All of this eventually disappeared, or became easier, as Blizzard lowered the reputation requirements to Honored. At the beginning, however, it was much more complicated and time consuming. An Altoholic would have to send each of their Toons down the Attunement path in order to progress. For most people, having to do this chain a couple of times was enough. For me, I was happy to progress each of my Toons into Raiding, and ran those Attunement chains over and over. It wasn’t only for myself, but there would always be someone else that needed a step in the chain, so finding people to run the instances with wasn’t that difficult.

Entry Into Karazahn

I was still with the guild called TWC when BC started, and was happy to find a spot on one of their 10 man Raid teams. Finally receiving my Master’s Key after following all the Attunement steps, I was ready with potions and a bag full of Soul Shards. More memory lane tripping… Warlocks required Soul Shards to do most of their Warlocky things. Creating Summoning Stones, Healthstones, Soul Stones, you name it, it was required. So, you’d load up on Soul Shards in your specific Soul Shard bag, and considered yourself ready to Raid.

We entered Karazahn and the Raid Leader started marking targets. One issue with CC in Kara… most of the mobs were Undead. Mages can’t sheep undead, but Priests and Hunters had a heyday. This is where I truly learned the value of CC. 4 mobs beating on Raid-ready tanks during the first few runs of Kara were just too much to handle. Healers would fall behind, and a Tank would quickly fall to incoming damage. Add to that a Raid-wide fear that some of the mobs would insta-cast, it would turn into a wipe very, very quickly. Thankfully our Raid Leader was well prepared, and within a few minutes we were facting our first Burning Crusade Raid Boss, Attumen the Horseman.

We learned to position ourselves and target Attumen’s mount first, so that the second phase would be brought about quickly. During the first phase, the mount would randomly charge the closest person out of melee range. I recall one particular very casual player who wanted to Raid. She was well liked by the guild, but just didn’t have the Raid skills that would allow her to progress beyond anything more than a tag along in a Raid. The Raid Leader would have her position herself up front, in order to prevent the mount from charging and stunning any of the healers. She never complained about her role, in fact she seemed more than happy to provide a usefulness, in whatever capacity she could.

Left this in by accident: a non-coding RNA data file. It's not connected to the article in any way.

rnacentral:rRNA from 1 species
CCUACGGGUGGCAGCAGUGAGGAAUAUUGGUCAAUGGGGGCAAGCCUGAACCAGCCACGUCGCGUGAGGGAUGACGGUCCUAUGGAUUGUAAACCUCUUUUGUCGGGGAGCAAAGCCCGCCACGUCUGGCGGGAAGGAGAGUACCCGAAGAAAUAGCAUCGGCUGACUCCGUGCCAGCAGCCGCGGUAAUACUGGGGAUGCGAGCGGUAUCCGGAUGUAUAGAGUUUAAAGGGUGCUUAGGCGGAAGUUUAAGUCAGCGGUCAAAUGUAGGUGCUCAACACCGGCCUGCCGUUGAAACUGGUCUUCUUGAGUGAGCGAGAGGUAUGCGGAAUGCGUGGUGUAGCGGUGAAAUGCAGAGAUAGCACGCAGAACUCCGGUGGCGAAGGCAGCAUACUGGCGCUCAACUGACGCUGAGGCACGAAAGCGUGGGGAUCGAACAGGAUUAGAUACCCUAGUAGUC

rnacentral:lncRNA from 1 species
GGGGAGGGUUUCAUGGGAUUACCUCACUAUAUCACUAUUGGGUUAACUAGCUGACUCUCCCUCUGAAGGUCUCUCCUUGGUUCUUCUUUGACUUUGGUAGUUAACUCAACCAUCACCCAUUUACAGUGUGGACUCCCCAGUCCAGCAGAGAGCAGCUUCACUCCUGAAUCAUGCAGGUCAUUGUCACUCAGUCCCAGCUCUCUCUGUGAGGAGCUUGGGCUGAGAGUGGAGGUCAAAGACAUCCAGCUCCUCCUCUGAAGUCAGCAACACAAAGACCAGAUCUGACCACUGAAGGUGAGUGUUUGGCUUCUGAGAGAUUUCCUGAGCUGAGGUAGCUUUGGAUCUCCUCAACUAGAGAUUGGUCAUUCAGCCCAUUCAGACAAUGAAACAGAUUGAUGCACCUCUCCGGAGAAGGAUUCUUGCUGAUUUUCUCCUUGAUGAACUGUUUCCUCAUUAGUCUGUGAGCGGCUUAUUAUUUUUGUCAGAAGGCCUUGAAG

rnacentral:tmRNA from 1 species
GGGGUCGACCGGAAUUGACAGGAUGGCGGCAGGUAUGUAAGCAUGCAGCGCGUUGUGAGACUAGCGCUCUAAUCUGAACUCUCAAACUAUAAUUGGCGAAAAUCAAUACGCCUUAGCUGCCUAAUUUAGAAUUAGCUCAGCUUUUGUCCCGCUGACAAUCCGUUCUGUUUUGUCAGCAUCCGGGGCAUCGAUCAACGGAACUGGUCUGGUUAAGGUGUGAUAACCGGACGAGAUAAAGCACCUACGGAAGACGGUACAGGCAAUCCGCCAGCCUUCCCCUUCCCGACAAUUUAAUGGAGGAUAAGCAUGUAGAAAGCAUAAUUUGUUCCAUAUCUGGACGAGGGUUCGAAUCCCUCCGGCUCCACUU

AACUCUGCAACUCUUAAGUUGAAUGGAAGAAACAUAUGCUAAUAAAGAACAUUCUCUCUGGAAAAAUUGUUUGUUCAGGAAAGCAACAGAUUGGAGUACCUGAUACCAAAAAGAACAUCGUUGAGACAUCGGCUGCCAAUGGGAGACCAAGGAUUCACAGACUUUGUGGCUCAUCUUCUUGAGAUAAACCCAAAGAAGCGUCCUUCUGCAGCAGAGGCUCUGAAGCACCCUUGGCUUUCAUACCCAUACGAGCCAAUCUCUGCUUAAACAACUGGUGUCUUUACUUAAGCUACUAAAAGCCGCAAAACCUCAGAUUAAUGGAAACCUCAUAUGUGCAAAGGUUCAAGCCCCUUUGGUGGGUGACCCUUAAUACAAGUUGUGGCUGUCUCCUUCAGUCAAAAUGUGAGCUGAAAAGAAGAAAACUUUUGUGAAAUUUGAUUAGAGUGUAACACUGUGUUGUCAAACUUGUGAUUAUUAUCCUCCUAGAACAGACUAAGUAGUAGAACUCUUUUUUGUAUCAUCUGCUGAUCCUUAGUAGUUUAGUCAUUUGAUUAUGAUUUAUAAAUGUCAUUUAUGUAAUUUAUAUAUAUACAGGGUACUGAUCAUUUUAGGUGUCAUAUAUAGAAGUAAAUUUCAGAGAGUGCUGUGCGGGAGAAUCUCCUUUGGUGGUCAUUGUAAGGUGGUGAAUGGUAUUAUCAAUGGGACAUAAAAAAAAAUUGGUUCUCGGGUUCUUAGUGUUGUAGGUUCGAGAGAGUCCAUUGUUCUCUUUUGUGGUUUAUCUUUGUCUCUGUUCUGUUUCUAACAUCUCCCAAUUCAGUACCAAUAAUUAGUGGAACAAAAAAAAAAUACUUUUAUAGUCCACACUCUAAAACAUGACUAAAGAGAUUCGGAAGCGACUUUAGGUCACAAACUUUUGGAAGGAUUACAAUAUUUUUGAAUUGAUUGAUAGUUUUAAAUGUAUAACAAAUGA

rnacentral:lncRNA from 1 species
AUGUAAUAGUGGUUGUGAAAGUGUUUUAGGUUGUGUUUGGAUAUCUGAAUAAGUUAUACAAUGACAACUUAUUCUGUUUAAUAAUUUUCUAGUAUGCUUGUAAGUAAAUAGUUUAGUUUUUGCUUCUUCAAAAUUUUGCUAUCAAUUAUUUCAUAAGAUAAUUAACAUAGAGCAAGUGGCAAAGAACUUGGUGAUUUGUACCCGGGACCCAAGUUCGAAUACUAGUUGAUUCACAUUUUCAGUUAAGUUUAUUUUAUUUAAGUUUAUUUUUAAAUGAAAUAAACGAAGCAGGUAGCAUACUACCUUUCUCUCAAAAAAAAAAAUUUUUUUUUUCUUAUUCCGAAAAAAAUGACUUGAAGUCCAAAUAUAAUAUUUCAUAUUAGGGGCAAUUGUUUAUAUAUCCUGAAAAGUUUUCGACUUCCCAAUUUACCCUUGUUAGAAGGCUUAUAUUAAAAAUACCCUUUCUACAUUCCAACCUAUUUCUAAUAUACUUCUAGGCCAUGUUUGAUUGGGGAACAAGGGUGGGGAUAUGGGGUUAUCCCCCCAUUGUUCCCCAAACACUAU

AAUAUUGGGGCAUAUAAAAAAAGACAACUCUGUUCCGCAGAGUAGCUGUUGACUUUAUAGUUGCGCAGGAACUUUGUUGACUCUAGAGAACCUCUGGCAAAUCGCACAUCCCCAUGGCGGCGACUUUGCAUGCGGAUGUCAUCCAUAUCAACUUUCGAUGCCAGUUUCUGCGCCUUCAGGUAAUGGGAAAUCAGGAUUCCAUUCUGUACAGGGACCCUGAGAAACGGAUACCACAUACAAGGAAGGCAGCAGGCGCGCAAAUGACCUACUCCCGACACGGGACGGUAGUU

We eventually progressed beyond Attumen the Horseman, and reached the Grand Dining Room, with Moroes and his band of mini-bosses. To this day, that is my favourite Raid boss of all time. Every time you faced Moroes, he would have 4 mini-bosses with him, each with their own ability. That was bad enough… but Blizzard added their own nasty twist in that there were 6 different mini-bosses that the 4 would be randomly chosen from. You never knew which 4 would appear, you had to adjust on the fly each time.

One Tank would make the pull, and the Off-Tank would pick up one of the mini-bosses. The other 3 mini-bosses would be either Kited or CC’d. Priests would quickly shackle one, hunters would ice-trap a second, and usually the 3rd was kited by another DPS class. The DPS would then focus their fire onto the Off-Tank’s mini-boss, trying to down that mob before the Off-Tank picked up another Mini-Boss. All during this, Moroes would disappear at times, re-appearing to apply a Gouge Damage-Over-Time (DOT) debuff on a random player in the Raid. Eventually, if all things went well, Healers would keep people alive while Tanks and DPS worked together to not only kill each Mob in turn, but to maintain their CC and Kiting until the Off-Tank could pick up each mob.

As a Warlock, most of my initial forays into Kara were just to output as much DPS onto the focused mobs as possible, while not breaking any CC, and using my abilities to help the Healers keep me alive. I’d marvel at the expertise some of our CC’ers had, one awesome Hunter in particular. I wish I could remember his Toon’s name, but his real name was Matt. Matt was the first person I saw capable of not only maintaining a steady high DPS output on the targets, but at the same time he would keep one mini-boss ice-trapped, and ALSO kite another of the mini-bosses. This guy had it down pat, and I vowed to learn from him, as my next Toon to level 70 would surely be my hunter, Wylset.

The rest of Karazahn was pretty much the same excitement, divided into 2 nights of 3 hour Raiding. Eventually we’d clear it all in one shot, but at the beginning we were doing what every guild goes through, settling down the player rotations, getting people used to the fights, and picking up loot that would help us push through into the next encounter. We’d faced down the ever-changing Opera event, which rotated between a Romeo and Juliet fight, or the Wizard of Oz Council-type fight. We’d made it past the fun Chess event, and made it to the top of the castle to face Prince.

Each Raid Boss we faced had its own challenges and trials, sometimes it would take a couple of weeks to get the mechanics and placement down to a regular boss kill, sometimes it would be a straightforward one shot fight. At the beginning, we were churning through Raid members pretty quickly, rotating people in and out until we starting getting multiple 10-man groups running through.

Progression – Sort Of.

Progression for me wasn’t in terms of seeing the next Raid instance. It consisted of putting my hand (and my alts) to every type of class role. As I levelled each Toon, I would send them through the Attunement chain, and gear them up enough in Heroics in order to enter Karazahn. Eventually, I learned to Tank, Heal, DPS, CC, and even Raid Lead the entirety of Kara. At my high point, I was running all 9 classes through Kara on a weekly basis. It was an extraordinary amount of time to put in, but I learned to scour the Trade Chat and quickly jump on any group looking for anything, at all times of the day. Some weeks I’d slack off, running my Main (Gronrad the Warlock) and a couple more alts, but I’d always keep looking for more runs through Kara.